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640,000 passengers for record Victoria cruise season

A record cruise ship season will wrap up on Sunday, and the Greater Victoria Harbour Authority is already predicting the 2019 season will be bigger and better.
The Norwegian Bliss, anchored at Ogden Point after a refit last spring, was the first ship to kick off the season

A record cruise ship season will wrap up on Sunday, and the Greater Victoria Harbour Authority is already predicting the 2019 season will be bigger and better.

Ian Robertson, chief executive of the harbour authority which oversees the cruise ship terminal at Ogden Point, said continued growth in the Alaska region and Victoria’s commitment to serving the industry will result in another banner season next year.

“We are seeing a huge increase in interest in the Alaska region and obviously [Victoria], Vancouver and Seattle have all been buoyed by that,” said Robertson. “But Victoria is also highly regarded by the cruise lines because we have an incredibly efficient port.

“The [Canada Border Services Agency] does an amazing job of processing to get people off the ship to enjoy the city and the region and we have excellent shore excursions and tours,” he said.

Through the first port of call in April until this weekend, Victoria will have welcomed nearly 640,000 passengers and 260,000 crew on 250 ship visits with an estimated $130 million in economic impact for the region.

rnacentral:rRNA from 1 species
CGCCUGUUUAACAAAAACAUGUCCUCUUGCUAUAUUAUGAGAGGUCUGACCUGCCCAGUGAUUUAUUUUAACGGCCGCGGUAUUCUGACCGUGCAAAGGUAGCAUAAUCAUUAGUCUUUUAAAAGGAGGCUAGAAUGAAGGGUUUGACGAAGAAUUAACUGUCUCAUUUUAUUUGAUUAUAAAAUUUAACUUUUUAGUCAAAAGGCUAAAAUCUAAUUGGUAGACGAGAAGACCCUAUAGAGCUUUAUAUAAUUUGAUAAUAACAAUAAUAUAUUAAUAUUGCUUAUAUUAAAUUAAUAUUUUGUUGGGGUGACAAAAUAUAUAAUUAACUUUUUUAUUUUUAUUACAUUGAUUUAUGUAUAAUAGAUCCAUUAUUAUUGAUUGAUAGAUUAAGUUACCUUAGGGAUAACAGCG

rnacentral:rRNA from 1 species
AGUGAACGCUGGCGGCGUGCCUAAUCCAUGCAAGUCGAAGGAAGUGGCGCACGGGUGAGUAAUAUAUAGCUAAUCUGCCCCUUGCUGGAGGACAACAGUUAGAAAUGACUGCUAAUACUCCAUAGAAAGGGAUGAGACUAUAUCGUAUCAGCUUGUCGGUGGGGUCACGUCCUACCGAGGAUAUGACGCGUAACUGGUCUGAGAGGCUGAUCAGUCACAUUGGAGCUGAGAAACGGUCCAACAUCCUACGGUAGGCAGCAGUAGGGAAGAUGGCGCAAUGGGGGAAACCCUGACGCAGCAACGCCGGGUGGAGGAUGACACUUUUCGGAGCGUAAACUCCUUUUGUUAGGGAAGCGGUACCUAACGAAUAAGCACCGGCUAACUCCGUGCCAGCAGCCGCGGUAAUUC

Last year the city welcomed a record 239 calls by cruise ships, with almost 600,000 passengers and more than 239,000 crew visiting the city between April and October. There were 224 calls to Victoria in 2016.

Robertson said investing in Victoria’s infrastructure has paid off. Over the last two seasons the harbour authority will have spent more than $7 million — a portion of which is federal funding — to improve Ogden Point to accommodate larger ships.

This year, work started on lengthening the Pier B mooring dolphin — a structure used to moor large ships — to accommodate Royal Caribbean International Ovation of the Seas next year.

Last year, terminal improvements were undertaken to install new bollards at Pier A in order to accommodate the 168,000-tonne Norwegian Bliss, which meant 1,500 more passengers visiting Victoria on Friday afternoons.

The harbour authority also notes there has been investment in improving transportation and wayfinding at Ogden Point.

“Norwegian Cruise Lines, along with the other 11 cruise lines visited this season, consistently rank Victoria’s Ogden Point Cruise Terminal as a port of call that is welcoming, easy to work with and focused on sustainability and environmental improvements,” said Lindsay Gaunt, the harbour authority’s director of cruise development.

Paul Nursey of Destination Greater Victoria said the cruise ship sector is a key component of the tourism industry.

“Many cruise passengers are introduced to Greater Victoria for the first time on a cruise and then return for a longer land-based vacation. The passengers that disembark at Ogden Point also support our restaurants and attractions, as well as bring a life and vitality to the downtown core,” he said.

The harbour authority is working on establishing Victoria as a home port, with a goal of having a small or mid-sized cruise ship call Victoria home. Robertson said they continue to “move the needle” on that goal.

The authority estimates that as a home port to one or two smaller cruise lines, Victoria could attract pre- and post-cruise tourism business and provide provisioning that could be worth $2 million per ship per excursion.

Currently, the harbour authority estimates each port of call is worth $450,000 to the region.